(Bloomberg) -- Italy’s new flagship airline takes to the skies on Friday with the travel industry still reeling from the coronavirus crisis and low-cost rivals targeting its home market in a bid to lure away passengers.

The tough operating conditions mean Italia Trasporto Aereo SpA faces trying times from day one as it replaces fallen national icon Alitalia, which ended flights Thursday after decades of losses and numerous brushes with bankruptcy.

State-backed ITA will use planes from Alitalia and be armed with its well-known name, after securing the brand’s purchase for 90 million euros ($104 million) on the eve of its debut. But the new airline will employ only around 2,800 of its predecessor’s 10,000-plus staff, operating a simplified network to keep down costs and help it turn a profit once demand recovers from the pandemic.

Leading the startup is Chairman Alfredo Altavilla, who made his name as a close aide to Sergio Marchionne in his turnaround of carmaker Fiat and its subsequent purchase of U.S.-based Chrysler. The 58-year-old executive was handpicked for the airline role by Italian Prime Minister Mario Draghi’s government.

ITA will initially operate 52 planes, about half the number at Alitalia, increasing to 78 next year. Growth will be spurred by an outline deal last month for 59 purchased or leased jets, all of them Airbus SE models, helping to trim crew expenses by maximizing interoperability.

EU Hurdles

Even before the challenge of competing for customers, the new airline has endured a tortuous journey to reach its launch.

On the one hand, ITA has been at pains to show it will be financially self sufficient and represent a clean break from Alitalia in order secure regulatory signoff. Margrethe Vestager, the European Union’s antitrust chief, finally gave her backing last month, while outlawing subsidies paid to Alitalia.

At the same time, staff have been up in arms over ITA’s reduced workforce and new contracts, staging protests in Rome. The company has inherited only direct airline employees from the old Alitalia, with the group’s maintenance and ground-handling operations subject to a tender offer as a result of the EU settlement.

Yet the business saw value in taking back the Alitalia name -- at a discount from the original 290 million-euro asking price -- after Vestager insisted it be sold to the highest bidder. The Alitalia identity still has resonance and is seen as a useful marketing tool in international markets.

Read: Italy’s New Airline May Claim Alitalia Brand in Time for Debut

The public has meanwhile been lukewarm in its backing for a new carrier set to receive 1.3 billion euros in government funds on top of more than 5 billion euros splurged on Alitalia. The company first entered bankruptcy in 2008, and has been kept on life support with taxpayer proceeds.

Italians have suggested the money should be funneled into health care or education instead. But still, the emotional pull endures for a brand that at one time was synonymous with the glamour of “La Dolce Vita” and Hollywood stars jetting off to a Roman holiday.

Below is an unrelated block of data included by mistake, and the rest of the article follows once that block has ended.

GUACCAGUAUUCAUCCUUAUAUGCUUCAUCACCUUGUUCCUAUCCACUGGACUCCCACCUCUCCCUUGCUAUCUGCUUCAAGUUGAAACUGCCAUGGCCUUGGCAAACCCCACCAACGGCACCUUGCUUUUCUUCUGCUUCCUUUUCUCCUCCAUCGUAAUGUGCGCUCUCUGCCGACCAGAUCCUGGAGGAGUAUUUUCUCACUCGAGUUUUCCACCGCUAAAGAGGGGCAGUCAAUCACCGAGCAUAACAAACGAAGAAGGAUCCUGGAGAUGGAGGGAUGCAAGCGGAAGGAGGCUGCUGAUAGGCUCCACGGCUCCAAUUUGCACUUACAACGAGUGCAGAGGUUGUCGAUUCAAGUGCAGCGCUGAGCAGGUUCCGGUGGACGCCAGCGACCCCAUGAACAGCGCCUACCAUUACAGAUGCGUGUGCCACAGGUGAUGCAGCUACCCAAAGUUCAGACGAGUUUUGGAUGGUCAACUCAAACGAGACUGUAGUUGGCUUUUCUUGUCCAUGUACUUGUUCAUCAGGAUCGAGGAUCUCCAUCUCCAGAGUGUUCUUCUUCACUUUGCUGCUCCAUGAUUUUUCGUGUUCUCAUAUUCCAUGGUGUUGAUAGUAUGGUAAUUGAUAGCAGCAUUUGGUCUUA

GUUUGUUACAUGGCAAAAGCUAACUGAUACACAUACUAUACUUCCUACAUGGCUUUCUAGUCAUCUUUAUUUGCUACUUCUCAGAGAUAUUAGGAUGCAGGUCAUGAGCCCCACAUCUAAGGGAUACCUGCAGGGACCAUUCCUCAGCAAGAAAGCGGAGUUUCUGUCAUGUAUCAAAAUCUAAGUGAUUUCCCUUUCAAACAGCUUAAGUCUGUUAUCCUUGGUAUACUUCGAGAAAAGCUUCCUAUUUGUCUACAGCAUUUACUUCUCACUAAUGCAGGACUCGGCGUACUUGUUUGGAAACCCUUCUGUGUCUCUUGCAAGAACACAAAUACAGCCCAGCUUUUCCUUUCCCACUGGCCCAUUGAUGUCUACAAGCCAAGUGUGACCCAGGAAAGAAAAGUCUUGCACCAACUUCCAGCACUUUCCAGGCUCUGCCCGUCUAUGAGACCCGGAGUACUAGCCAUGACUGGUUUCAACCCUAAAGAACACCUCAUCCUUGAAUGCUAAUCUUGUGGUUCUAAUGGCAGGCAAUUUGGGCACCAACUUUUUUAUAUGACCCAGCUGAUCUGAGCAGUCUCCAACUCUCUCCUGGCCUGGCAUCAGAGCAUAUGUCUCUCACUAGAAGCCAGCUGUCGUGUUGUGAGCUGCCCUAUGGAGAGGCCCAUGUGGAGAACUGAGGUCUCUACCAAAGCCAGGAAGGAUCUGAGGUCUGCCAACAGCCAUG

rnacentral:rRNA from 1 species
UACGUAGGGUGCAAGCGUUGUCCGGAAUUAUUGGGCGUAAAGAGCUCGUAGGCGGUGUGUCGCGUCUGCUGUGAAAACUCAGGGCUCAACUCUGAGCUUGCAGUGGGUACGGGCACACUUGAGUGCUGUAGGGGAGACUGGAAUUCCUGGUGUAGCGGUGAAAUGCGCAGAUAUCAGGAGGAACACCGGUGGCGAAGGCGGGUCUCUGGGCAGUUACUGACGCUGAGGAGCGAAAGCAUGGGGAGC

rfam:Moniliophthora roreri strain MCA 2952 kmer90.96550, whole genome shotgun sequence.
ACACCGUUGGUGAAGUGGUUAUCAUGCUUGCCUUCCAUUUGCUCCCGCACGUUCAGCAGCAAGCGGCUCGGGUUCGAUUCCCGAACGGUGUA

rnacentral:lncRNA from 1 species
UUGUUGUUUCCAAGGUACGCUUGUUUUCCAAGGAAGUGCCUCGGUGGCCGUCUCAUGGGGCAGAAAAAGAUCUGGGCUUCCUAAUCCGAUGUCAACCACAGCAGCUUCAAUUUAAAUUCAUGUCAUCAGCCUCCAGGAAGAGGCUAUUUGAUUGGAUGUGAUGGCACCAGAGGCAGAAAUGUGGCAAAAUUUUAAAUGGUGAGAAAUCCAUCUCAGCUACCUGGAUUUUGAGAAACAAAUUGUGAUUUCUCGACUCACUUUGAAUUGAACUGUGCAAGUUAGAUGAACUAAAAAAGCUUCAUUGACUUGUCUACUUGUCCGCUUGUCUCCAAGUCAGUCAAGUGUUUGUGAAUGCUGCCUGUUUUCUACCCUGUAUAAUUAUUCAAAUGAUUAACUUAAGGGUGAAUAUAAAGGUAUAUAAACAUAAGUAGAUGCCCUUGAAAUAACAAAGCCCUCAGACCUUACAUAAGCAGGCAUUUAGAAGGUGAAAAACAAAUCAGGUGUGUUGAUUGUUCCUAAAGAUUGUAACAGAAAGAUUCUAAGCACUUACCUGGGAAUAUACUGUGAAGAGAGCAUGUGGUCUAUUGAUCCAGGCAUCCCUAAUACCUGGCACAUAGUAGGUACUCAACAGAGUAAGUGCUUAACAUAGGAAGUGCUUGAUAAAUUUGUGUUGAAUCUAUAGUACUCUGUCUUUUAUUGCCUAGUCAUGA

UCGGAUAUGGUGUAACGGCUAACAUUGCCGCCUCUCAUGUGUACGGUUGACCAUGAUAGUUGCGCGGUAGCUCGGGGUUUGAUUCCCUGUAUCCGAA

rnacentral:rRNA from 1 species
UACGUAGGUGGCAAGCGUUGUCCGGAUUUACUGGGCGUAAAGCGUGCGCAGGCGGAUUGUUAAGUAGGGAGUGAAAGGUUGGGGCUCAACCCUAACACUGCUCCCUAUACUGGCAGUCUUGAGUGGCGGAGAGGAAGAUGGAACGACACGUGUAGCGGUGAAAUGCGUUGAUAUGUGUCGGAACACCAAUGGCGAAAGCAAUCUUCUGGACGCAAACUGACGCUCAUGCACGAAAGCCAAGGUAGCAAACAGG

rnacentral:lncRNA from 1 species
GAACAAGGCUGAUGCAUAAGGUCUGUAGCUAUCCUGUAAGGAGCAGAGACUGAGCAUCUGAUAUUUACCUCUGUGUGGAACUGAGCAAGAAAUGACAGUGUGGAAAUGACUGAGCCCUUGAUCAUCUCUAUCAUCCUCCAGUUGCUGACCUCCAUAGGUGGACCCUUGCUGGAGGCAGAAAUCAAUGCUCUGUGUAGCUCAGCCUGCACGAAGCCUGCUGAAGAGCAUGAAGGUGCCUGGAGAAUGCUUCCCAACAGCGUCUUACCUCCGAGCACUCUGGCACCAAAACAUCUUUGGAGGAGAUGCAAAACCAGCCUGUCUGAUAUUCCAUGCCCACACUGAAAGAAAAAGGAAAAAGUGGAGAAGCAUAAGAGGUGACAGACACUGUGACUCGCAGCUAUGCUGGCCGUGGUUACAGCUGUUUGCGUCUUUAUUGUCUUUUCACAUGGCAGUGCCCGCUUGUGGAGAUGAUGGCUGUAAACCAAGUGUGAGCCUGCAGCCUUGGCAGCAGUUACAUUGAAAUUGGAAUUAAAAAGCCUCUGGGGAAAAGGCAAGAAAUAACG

“I consider it like a family thing -- well, a pretty costly family, but a family thing,” Draghi said in April.

No Need?

It will be up to ITA to carve out its place in a market that’s already well-served. Global airlines offer plenty of long-distance flights from Rome and Milan, while those cities and others have good European links through a host of carriers including Ryanair Holdings Plc, EasyJet Plc and Wizz Air Holdings Plc. The discounters boosted their presence in Italy with the easing of Covid-19 travel curbs, even as the government haggled with Brussels.

The government, though, says that Italy needs its own network airline to support tourism in what is the world’s fifth-most visited country.

While Ryanair Chief Executive Officer Michael O’Leary has questioned the state’s role in building the new airline out of Alitalia assets, established carriers aren’t exactly quaking at ITA’s debut.

The company is likely to “go badly, as all the other Italian carriers before,” Wizz CEO Jozsef Varadi said in an interview Tuesday.

“I’m not seeing any change here, that’s a government-owned entity,” he said. “And they are basically inheriting the labor context of Alitalia and all the inefficiencies of that airline. You can’t expect much from those guys.”

Italy’s Economic development minister, Giancarlo Giorgetti, said in June that ITA must find a partner to flourish, with Delta Air Lines Inc. CEO Ed Bastian saying this month that discussions are underway over a possible alliance. Delta’s existing North Atlantic partnership, of which Alitalia was a member, includes Air France-KLM and Virgin Atlantic Airways Ltd.

Even ITA’s own projections see years of struggle ahead before the carrier starts making money.

According to a revised business plan presented to lawmakers this month, ITA no longer expects to report a profit by 2023, envisaging instead a loss before interest and tax of 33 million euros, before clawing its way into the black the following year.

“It’s very difficult to make profit on domestic markets, particularly if you’ve got a combination of Ryanair and EasyJet, and presumably Wizz Air at some point, eating your lunch,’ said Peter Morris, chief economist at aviation consultancy Ascend by Cirium.

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